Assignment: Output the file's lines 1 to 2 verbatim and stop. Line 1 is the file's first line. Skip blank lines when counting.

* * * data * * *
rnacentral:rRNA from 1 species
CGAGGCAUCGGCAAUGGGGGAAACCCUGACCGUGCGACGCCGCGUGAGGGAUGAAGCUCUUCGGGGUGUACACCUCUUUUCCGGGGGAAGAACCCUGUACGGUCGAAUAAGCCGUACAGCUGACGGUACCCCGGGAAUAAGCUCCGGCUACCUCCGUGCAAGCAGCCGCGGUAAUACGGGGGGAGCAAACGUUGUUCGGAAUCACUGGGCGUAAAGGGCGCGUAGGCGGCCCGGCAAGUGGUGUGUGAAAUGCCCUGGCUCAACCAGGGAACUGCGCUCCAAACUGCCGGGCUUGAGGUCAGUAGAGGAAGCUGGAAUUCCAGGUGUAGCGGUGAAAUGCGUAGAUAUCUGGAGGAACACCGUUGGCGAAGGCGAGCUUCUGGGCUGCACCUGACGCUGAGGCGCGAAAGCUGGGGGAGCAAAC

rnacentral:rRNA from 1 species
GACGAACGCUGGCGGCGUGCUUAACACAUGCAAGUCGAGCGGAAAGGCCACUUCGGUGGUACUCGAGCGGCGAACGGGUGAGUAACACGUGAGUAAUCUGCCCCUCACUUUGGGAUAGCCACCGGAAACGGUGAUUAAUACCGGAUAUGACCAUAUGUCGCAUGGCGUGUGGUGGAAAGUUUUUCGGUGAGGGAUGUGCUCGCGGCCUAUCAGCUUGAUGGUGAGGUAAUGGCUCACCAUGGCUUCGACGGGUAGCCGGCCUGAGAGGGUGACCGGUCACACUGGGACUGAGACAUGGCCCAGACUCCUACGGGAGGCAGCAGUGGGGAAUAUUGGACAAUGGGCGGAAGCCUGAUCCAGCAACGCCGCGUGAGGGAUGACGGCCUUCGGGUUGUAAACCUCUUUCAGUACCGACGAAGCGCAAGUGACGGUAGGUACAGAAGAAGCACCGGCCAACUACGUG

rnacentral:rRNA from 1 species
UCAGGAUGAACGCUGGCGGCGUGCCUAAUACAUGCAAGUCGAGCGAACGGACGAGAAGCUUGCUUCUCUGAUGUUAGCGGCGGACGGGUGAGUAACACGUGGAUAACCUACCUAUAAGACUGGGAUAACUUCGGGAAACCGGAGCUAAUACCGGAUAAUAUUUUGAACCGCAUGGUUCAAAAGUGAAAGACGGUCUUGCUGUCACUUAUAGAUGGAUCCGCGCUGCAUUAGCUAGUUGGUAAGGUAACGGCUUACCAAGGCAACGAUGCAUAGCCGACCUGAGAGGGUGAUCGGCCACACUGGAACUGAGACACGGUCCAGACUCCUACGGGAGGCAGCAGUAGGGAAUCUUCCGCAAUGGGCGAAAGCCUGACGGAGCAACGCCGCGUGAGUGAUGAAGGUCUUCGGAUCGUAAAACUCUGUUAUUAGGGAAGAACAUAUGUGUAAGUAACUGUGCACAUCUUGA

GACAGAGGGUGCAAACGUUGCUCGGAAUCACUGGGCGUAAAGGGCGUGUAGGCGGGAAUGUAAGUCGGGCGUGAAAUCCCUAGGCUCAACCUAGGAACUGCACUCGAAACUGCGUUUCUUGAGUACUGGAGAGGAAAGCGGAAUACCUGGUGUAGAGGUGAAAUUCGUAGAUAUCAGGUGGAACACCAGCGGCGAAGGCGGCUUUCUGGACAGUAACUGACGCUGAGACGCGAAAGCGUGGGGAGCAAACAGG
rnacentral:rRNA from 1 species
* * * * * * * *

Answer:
rnacentral:rRNA from 1 species
CGAGGCAUCGGCAAUGGGGGAAACCCUGACCGUGCGACGCCGCGUGAGGGAUGAAGCUCUUCGGGGUGUACACCUCUUUUCCGGGGGAAGAACCCUGUACGGUCGAAUAAGCCGUACAGCUGACGGUACCCCGGGAAUAAGCUCCGGCUACCUCCGUGCAAGCAGCCGCGGUAAUACGGGGGGAGCAAACGUUGUUCGGAAUCACUGGGCGUAAAGGGCGCGUAGGCGGCCCGGCAAGUGGUGUGUGAAAUGCCCUGGCUCAACCAGGGAACUGCGCUCCAAACUGCCGGGCUUGAGGUCAGUAGAGGAAGCUGGAAUUCCAGGUGUAGCGGUGAAAUGCGUAGAUAUCUGGAGGAACACCGUUGGCGAAGGCGAGCUUCUGGGCUGCACCUGACGCUGAGGCGCGAAAGCUGGGGGAGCAAAC